Notker remarks that when Charlemagne found out that the Frisians sold these small cloaks at the same price as the bigger ones, he gave orders that “at this price no-one should purchase from [the Frisians]any but the bigger cloaks, which were at once very broad and very long.” (“Two lives of Charlemagne”, by Thorpe, p. 133). Wardrobes, cupboards and lockers had not been invented yet, so that clothing, valuable possessions and documents were kept in wooden chests (scrinia).
 

National dress
Every nation wore it
s own typical clothes. The Aquitanians wore a short gown, baggy pants and boots; the Italian Langobards had a preference for loose garments, whereas Frankish clothes tended to be close-fitting.

Shoes
Leather was produced by specialised craftsmen from the hides of cows, goats, sheep and even wolves. Each monastery had its own cobblers’ workshop, where boots, shoes and galoshes (derived from the word ”Gallic shoes”) with wooden soles were made. Shoes were often kept together by leather straps, whose function is comparable to that of the modern shoelaces.
 
a turn shoe

A wide-spread type of shoe was the so-called “turn-shoe”.  This typically consisted of a cow-hide sole and a softer leather upper, which were sown together inside out and then turned right side out once finished.  The poor, however, often did not wear shoes at all.


Settlements and Housing
People got up at sunrise when the cock had crowed, which in summer was between 4 and 5 am, in winter between 7 and 8 am, and went to bed at sunset.  In most dwellings there was no lighting, as candles were expensive and laborious to produce, so people simply went to bed when it got dark.  Like most settlements, villages were usually located on or near a river, or a stream and possessed at least one well, a cemetery, latrines and a waste dump.  Many villages were fenced in one way or another and had an additional moat. This was mainly to keep wild animals, such as wolves and bears, away and to prevent small children, cattle, pigs and other livestock from straying too far.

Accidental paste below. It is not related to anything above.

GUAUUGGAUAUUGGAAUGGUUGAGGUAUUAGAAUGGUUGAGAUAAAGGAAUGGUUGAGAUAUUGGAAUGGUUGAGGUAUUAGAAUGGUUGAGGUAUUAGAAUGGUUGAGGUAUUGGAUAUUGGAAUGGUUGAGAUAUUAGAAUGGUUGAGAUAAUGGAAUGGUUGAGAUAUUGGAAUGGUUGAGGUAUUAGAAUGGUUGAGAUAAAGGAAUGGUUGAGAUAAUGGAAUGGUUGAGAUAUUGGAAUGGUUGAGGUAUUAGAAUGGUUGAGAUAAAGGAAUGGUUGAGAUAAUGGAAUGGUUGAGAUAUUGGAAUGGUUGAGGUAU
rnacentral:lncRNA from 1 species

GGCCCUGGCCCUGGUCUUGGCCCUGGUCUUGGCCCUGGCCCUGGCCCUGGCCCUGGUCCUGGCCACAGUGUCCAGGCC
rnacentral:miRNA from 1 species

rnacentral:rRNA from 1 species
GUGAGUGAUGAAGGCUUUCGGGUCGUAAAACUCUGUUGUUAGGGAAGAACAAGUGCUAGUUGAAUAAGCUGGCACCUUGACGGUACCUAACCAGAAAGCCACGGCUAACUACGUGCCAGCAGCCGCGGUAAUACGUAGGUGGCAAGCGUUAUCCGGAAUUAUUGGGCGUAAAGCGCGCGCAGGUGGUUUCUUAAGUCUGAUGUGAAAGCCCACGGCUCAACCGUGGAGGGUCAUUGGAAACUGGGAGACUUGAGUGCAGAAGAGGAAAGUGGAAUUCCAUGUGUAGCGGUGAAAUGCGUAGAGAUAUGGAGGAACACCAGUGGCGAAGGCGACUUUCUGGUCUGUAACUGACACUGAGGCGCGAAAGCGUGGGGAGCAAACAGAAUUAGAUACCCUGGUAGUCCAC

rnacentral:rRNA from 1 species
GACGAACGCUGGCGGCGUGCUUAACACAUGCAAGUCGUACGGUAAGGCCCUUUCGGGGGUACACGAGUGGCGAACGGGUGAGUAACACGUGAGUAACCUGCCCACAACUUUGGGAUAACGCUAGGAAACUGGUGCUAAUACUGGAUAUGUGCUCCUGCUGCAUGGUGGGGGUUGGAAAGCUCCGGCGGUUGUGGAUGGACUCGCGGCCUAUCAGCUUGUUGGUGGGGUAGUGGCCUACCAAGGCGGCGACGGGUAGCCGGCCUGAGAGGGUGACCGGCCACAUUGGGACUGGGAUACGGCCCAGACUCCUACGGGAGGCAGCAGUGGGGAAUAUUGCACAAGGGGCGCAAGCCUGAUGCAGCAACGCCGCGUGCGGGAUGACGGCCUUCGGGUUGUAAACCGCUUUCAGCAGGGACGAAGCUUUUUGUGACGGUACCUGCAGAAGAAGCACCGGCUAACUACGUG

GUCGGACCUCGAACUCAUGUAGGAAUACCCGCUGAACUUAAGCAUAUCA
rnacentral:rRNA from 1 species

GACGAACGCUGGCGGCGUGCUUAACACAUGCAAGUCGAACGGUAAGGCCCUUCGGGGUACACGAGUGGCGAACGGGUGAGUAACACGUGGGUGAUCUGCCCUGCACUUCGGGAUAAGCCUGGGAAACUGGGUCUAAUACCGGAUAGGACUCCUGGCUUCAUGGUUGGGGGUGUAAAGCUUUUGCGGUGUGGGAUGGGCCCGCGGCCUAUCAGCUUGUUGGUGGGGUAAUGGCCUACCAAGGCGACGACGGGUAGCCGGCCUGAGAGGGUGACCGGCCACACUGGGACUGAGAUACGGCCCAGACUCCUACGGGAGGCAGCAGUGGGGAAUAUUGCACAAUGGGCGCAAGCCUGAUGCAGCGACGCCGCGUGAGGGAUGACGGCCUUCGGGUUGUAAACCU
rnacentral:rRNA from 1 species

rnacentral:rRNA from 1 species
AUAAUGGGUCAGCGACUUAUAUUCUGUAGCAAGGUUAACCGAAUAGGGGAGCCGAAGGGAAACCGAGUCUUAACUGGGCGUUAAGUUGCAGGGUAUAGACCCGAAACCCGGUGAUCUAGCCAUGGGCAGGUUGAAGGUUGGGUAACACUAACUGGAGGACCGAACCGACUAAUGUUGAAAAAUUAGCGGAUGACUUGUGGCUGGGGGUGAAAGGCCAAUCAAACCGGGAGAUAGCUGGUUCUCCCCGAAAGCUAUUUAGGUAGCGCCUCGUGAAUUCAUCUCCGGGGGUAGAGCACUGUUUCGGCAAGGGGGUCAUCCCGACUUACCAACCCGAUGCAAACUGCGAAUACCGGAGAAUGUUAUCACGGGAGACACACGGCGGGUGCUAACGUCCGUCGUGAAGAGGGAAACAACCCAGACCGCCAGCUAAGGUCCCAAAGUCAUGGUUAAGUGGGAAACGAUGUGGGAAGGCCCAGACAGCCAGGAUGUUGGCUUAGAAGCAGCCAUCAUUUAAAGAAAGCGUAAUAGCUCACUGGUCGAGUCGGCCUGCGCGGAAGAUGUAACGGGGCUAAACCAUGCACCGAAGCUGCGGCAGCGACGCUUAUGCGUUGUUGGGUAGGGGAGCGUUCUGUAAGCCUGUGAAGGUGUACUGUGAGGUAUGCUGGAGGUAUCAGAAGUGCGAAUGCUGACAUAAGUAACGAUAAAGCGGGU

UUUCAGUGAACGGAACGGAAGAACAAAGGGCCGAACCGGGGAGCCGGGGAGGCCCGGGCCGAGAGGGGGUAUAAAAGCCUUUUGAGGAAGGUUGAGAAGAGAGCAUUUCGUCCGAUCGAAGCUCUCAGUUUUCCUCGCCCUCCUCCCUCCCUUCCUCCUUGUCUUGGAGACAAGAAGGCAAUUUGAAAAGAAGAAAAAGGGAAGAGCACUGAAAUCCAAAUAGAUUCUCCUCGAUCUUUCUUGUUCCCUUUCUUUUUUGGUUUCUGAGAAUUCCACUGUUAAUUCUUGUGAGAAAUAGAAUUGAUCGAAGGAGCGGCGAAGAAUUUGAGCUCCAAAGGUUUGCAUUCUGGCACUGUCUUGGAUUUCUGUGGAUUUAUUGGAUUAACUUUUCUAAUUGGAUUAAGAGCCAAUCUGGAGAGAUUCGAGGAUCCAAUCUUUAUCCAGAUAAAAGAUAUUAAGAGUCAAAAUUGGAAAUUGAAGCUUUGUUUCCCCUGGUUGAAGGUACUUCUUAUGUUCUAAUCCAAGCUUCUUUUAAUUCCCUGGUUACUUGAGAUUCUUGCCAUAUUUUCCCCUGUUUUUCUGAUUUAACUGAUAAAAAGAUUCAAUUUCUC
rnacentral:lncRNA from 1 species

In more populated areas, older villages and on estates, longhouses were common dwellings, 8 to 9 meters wide and 15 to 30 meters long, housing 10 to 30 persons on average.  The far end of a longhouse was used as a stable for cattle, whose body-heat provided additional warmth in winter.
Frankish houses normally had low walls on the long sides and large overhanging roofs.  The frames were made of raw timber and the low outer walls were a wattle and daub construction. From this type of building the later half-timbered or timber-framed buildings (Fachwerkhäuser in German) developed, which can still be found in many parts of northern and Western Europe.
Grubenhaus or pithouse
Roofs were usually covered with thick layers of straw or reeds. Doors hung on wooden or iron hinges.  Skylights and small windows in the long walls, some of which had a pig’s bladder for a window pane, could either be closed with a wicker mesh, or wooden shutters and provided the necessary daylight.  Cracks were plugged with moss.  There was a fireplace for cooking and heating, over which a wooden flue was constructed which acted as chimney. The floor consisted of pounded soil.  Water was extracted from nearby streams or wells and natural needs were done in latrines.